This paper aims at demonstrating that under capital non-rationing conditions government grants related to assets do not increase the financial performance of established recipient firms; we argue that these external subsidies are unable to trigger investment projects that are more efficient than those financed via either equity or debt; further, as the amount of the grant increases, the risk of opportunistic actions is greater with consequent negative effects on firms’ performance. Using a sample of Italian manufacturing firms for the years 2002 until 2009, we compare the performances of two sub-groups (beneficiary and non beneficiary firms) that are matched in terms of geographical location, industry sector, legal form, size and amount of value added (VA). The results of a set of univariate and multivariate tests reinforce each other in showing unequivocally not only that the receipt of government grants does not increase the level of value added (VA) created, but also that the VA significantly worsens as the size of government grants increases. These findings present severe policy implications as they question the effectiveness of government grants in supporting firms.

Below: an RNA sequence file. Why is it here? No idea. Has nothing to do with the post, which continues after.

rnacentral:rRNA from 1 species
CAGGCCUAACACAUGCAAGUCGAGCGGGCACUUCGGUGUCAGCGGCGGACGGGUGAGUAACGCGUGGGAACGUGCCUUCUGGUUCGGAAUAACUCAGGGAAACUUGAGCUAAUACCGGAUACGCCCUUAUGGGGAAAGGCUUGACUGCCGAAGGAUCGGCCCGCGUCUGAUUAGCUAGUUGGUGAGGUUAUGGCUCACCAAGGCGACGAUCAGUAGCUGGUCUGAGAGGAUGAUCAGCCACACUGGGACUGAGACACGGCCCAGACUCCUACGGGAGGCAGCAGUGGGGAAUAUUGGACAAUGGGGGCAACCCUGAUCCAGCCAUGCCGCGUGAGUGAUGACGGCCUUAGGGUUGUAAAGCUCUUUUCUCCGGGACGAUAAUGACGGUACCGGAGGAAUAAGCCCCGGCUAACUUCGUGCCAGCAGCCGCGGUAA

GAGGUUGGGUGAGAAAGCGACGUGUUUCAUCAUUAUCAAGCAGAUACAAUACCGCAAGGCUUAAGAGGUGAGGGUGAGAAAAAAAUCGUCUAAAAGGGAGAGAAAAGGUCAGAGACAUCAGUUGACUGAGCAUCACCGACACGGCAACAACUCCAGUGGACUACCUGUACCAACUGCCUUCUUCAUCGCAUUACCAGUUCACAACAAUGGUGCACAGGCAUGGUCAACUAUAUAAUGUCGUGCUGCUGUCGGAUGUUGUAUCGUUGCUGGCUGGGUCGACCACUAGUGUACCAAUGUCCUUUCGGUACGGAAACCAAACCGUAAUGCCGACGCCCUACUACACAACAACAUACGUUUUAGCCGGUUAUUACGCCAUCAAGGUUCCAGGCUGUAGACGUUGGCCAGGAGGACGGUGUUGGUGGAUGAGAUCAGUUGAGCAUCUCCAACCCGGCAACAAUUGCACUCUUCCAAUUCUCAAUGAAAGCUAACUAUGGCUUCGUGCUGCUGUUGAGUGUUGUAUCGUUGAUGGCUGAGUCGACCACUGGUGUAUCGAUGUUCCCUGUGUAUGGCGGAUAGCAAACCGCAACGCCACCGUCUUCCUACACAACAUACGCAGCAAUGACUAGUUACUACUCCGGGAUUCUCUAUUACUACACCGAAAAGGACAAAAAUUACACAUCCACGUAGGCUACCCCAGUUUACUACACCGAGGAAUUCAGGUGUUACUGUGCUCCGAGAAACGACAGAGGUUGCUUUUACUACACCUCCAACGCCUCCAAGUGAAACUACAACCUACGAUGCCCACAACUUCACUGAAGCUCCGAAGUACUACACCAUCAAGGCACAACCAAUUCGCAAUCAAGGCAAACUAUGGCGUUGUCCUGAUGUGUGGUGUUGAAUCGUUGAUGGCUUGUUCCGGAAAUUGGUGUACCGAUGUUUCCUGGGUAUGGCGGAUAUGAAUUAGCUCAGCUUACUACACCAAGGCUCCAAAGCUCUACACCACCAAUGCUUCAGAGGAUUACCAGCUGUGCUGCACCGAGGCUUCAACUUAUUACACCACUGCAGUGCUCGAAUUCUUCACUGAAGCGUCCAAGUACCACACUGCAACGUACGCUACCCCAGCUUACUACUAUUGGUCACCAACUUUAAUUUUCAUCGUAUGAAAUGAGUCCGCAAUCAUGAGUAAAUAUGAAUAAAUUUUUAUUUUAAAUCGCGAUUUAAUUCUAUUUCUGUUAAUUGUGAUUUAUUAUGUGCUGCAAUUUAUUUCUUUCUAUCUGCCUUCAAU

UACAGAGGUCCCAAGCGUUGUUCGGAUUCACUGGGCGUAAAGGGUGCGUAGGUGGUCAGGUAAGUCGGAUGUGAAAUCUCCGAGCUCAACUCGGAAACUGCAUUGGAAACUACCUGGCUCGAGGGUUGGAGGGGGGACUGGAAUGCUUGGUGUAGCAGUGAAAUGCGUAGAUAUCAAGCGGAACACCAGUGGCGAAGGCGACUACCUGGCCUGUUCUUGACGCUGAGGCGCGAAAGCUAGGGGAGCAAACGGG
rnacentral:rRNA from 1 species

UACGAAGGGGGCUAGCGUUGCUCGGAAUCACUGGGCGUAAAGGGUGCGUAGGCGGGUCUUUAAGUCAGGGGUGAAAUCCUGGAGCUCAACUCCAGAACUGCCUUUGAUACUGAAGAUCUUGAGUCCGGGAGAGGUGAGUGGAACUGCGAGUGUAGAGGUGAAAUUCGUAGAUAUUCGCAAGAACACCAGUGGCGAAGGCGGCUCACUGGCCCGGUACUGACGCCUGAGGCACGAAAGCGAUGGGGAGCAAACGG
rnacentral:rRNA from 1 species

Do government grants increase the financial performance of benificiary firms? Evidence from Italy

MURA, ALESSANDRO;
2012

Abstract

This paper aims at demonstrating that under capital non-rationing conditions government grants related to assets do not increase the financial performance of established recipient firms; we argue that these external subsidies are unable to trigger investment projects that are more efficient than those financed via either equity or debt; further, as the amount of the grant increases, the risk of opportunistic actions is greater with consequent negative effects on firms’ performance. Using a sample of Italian manufacturing firms for the years 2002 until 2009, we compare the performances of two sub-groups (beneficiary and non beneficiary firms) that are matched in terms of geographical location, industry sector, legal form, size and amount of value added (VA). The results of a set of univariate and multivariate tests reinforce each other in showing unequivocally not only that the receipt of government grants does not increase the level of value added (VA) created, but also that the VA significantly worsens as the size of government grants increases. These findings present severe policy implications as they question the effectiveness of government grants in supporting firms.
Non-rationing conditions; Value added; Government grants
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Utilizza questo identificativo per citare o creare un link a questo documento: https://hdl.handle.net/11584/51578
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